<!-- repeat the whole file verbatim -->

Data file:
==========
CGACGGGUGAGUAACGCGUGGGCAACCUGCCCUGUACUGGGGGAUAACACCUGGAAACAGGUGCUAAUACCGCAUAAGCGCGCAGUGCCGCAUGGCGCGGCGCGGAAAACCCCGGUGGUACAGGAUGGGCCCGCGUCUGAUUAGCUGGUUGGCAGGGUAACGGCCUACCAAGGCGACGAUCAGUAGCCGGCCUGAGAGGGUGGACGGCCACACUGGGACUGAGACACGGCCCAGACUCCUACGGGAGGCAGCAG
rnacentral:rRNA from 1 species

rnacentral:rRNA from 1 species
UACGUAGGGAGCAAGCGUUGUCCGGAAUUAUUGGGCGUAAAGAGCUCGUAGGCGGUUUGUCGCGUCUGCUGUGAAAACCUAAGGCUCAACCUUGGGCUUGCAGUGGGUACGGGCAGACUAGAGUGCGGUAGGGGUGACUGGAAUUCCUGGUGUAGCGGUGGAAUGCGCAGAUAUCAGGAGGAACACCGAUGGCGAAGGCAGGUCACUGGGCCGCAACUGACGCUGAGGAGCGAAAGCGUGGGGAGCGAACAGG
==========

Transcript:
CGACGGGUGAGUAACGCGUGGGCAACCUGCCCUGUACUGGGGGAUAACACCUGGAAACAGGUGCUAAUACCGCAUAAGCGCGCAGUGCCGCAUGGCGCGGCGCGGAAAACCCCGGUGGUACAGGAUGGGCCCGCGUCUGAUUAGCUGGUUGGCAGGGUAACGGCCUACCAAGGCGACGAUCAGUAGCCGGCCUGAGAGGGUGGACGGCCACACUGGGACUGAGACACGGCCCAGACUCCUACGGGAGGCAGCAG
rnacentral:rRNA from 1 species

rnacentral:rRNA from 1 species
UACGUAGGGAGCAAGCGUUGUCCGGAAUUAUUGGGCGUAAAGAGCUCGUAGGCGGUUUGUCGCGUCUGCUGUGAAAACCUAAGGCUCAACCUUGGGCUUGCAGUGGGUACGGGCAGACUAGAGUGCGGUAGGGGUGACUGGAAUUCCUGGUGUAGCGGUGGAAUGCGCAGAUAUCAGGAGGAACACCGAUGGCGAAGGCAGGUCACUGGGCCGCAACUGACGCUGAGGAGCGAAAGCGUGGGGAGCGAACAGG